Any description of humans requires intentional entities like beliefs and desires since they affect institutions. What matters is not always the plan, but the unintended collective consequences of human decisions. Analyzing self-organized matter cannot be done only analytically, piece by piece. There are emergent properties, i.e. interactions between parts which are more than the parts. Analyzing self-organized systems as an aggregate cannot account for these interactions.
In the introduction, I claimed that there were three guiding theses, but the first holds pride of place:
“In a very real sense, reality is a single matter-energy undergoing phase transitions of various kinds, with each new layer of accumulated ‘stuff’ simply enriching the reservoir of nonlinear dynamics and nonlinear combinatorics available for the generation of novel structures and processes.”
Philosophy and Simulation: Emergence
In his book Philosophy and Simulation, DeLanda gives a brief description of how emergence functions, and how it is different from a more common sense notion of causality.
The classic example of causality in physics is a collision between two objects. The overall affect is addition, even if multiple molecules are involved. No surprises, nothing new is produced, just addition. But when two molecules interact chemically a new entity can emerge—as when hydrogen and oxygen interact to form water. Water has properties not possessed by its components; hydrogen and oxygen are gasses at room temperature, while water is liquid. Adding either element to a fire fuels it, while adding water extinguishes it.
The fact that novel properties could arise was supposed to have philosophical implications for the nature of scientific explanation. The absence of novelty in physical interactions was supposed to mean that their effects could be reduced to general principles or laws.
But the synthesis of water does something new; not an absolute novelty in the sense of something that had never existed, but in the relative sense that something emerges that was not in the interacting entities as causes. This led some philosophers to believe that emergent effects could not be explained, or “that an effect is emergent only for as long as a law from which it can be deduced has not yet been found.” This went on to be a full fledged way of thinking in the 20th century: emergence was intrinsically unexplainable, and ideas like the élan vital appeared. This ended up with a sort of mysticism, that emergent facts must be treated as brute facts, with a sort of natural piety.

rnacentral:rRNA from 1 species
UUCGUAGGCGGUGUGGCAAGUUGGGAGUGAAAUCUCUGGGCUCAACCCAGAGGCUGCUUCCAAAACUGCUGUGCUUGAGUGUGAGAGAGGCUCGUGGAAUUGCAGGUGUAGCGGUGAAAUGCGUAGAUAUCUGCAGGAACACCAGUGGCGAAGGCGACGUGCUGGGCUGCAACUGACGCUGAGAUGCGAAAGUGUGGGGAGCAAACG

Emergence was a suspect concept; “It was only the passage of time and the fact that mathematical laws like those of classical physics were not found in chemistry or biology—or for that matter, in the more historical fields of physics, like geology or climatology—that would rescue the concept from intellectual oblivion.” There were no simple laws from which all effects could be deduced; the classical axiomatic dream withered.
Today, a scientific explanation is not identified with a logical operation, but with a more creative effort to show the mechanisms that produce a given effect. The early emergentists dismissed this, because they could not imagine something more complex than a clockwork mechanism. But other physical mechanisms are nonlinear. There are technological examples: steam engines, thermostats, and transistors. Outside technology, there are many examples in chemistry and biology.
The big epistemological difference between now and the early 20th century is that emergence does not have to be accepted as a brute fact. It can be explained without being explained away. The ontological status remains the same; it still refers to something that is objectively irreducible.
What sort of entities are irreducible? The original examples were things like life and mind, but these ideas are only reified generalities, not real things. Even if one had no problem believing in this things, “it is hard to see how we could specify mechanisms of emergence for life or mind in general, as opposed to accounting for the emergent properties and capacities of concrete wholes like a metabolic circuit or an assembly of neurons.”